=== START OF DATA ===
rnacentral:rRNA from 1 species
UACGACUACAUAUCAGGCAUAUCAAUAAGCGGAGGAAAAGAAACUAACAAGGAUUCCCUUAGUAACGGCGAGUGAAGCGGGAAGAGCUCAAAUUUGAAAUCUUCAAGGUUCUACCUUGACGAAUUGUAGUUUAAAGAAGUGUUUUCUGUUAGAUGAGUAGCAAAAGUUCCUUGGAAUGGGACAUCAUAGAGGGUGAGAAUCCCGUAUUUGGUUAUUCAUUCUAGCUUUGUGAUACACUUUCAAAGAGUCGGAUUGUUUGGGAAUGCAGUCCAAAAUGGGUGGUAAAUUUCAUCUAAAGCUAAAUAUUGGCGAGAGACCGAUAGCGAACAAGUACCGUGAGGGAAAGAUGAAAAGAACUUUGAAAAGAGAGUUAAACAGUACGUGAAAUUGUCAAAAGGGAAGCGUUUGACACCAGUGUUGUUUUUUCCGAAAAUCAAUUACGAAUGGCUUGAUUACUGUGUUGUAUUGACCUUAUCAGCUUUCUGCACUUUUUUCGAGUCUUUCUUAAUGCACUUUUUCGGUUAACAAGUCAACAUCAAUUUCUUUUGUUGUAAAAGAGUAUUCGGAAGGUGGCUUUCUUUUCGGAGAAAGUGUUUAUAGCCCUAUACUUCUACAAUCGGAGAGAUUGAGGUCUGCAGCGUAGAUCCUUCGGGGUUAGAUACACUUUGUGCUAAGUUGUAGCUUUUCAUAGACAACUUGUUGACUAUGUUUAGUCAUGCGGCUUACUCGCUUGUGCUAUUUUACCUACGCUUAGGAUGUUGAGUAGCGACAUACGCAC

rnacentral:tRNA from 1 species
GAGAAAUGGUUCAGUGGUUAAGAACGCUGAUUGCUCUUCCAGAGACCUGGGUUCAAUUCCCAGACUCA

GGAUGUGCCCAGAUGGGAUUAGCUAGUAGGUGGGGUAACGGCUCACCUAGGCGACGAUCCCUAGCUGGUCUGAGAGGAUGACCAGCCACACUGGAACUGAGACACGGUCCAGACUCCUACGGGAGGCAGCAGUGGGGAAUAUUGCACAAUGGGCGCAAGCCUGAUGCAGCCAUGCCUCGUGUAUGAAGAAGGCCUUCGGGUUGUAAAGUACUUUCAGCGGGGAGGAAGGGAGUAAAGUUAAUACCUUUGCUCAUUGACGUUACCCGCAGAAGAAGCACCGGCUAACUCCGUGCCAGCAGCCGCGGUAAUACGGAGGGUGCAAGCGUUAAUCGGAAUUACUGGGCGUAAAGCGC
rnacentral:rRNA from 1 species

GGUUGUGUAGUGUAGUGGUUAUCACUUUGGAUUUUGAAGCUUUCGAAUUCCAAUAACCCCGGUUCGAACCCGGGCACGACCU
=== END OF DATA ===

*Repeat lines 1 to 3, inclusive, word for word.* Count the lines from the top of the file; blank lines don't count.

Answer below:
rnacentral:rRNA from 1 species
UACGACUACAUAUCAGGCAUAUCAAUAAGCGGAGGAAAAGAAACUAACAAGGAUUCCCUUAGUAACGGCGAGUGAAGCGGGAAGAGCUCAAAUUUGAAAUCUUCAAGGUUCUACCUUGACGAAUUGUAGUUUAAAGAAGUGUUUUCUGUUAGAUGAGUAGCAAAAGUUCCUUGGAAUGGGACAUCAUAGAGGGUGAGAAUCCCGUAUUUGGUUAUUCAUUCUAGCUUUGUGAUACACUUUCAAAGAGUCGGAUUGUUUGGGAAUGCAGUCCAAAAUGGGUGGUAAAUUUCAUCUAAAGCUAAAUAUUGGCGAGAGACCGAUAGCGAACAAGUACCGUGAGGGAAAGAUGAAAAGAACUUUGAAAAGAGAGUUAAACAGUACGUGAAAUUGUCAAAAGGGAAGCGUUUGACACCAGUGUUGUUUUUUCCGAAAAUCAAUUACGAAUGGCUUGAUUACUGUGUUGUAUUGACCUUAUCAGCUUUCUGCACUUUUUUCGAGUCUUUCUUAAUGCACUUUUUCGGUUAACAAGUCAACAUCAAUUUCUUUUGUUGUAAAAGAGUAUUCGGAAGGUGGCUUUCUUUUCGGAGAAAGUGUUUAUAGCCCUAUACUUCUACAAUCGGAGAGAUUGAGGUCUGCAGCGUAGAUCCUUCGGGGUUAGAUACACUUUGUGCUAAGUUGUAGCUUUUCAUAGACAACUUGUUGACUAUGUUUAGUCAUGCGGCUUACUCGCUUGUGCUAUUUUACCUACGCUUAGGAUGUUGAGUAGCGACAUACGCAC

rnacentral:tRNA from 1 species